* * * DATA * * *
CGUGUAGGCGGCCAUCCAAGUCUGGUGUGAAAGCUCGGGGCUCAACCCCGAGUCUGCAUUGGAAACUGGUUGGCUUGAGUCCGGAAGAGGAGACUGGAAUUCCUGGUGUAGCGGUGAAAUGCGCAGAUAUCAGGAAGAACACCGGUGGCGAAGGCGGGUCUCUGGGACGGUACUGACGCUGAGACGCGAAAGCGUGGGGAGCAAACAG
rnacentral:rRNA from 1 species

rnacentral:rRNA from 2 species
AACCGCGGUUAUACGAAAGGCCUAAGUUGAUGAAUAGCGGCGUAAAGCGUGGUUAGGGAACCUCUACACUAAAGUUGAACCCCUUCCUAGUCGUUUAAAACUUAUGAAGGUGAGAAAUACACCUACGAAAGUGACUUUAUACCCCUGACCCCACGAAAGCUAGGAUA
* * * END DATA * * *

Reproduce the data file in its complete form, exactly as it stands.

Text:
CGUGUAGGCGGCCAUCCAAGUCUGGUGUGAAAGCUCGGGGCUCAACCCCGAGUCUGCAUUGGAAACUGGUUGGCUUGAGUCCGGAAGAGGAGACUGGAAUUCCUGGUGUAGCGGUGAAAUGCGCAGAUAUCAGGAAGAACACCGGUGGCGAAGGCGGGUCUCUGGGACGGUACUGACGCUGAGACGCGAAAGCGUGGGGAGCAAACAG
rnacentral:rRNA from 1 species

rnacentral:rRNA from 2 species
AACCGCGGUUAUACGAAAGGCCUAAGUUGAUGAAUAGCGGCGUAAAGCGUGGUUAGGGAACCUCUACACUAAAGUUGAACCCCUUCCUAGUCGUUUAAAACUUAUGAAGGUGAGAAAUACACCUACGAAAGUGACUUUAUACCCCUGACCCCACGAAAGCUAGGAUA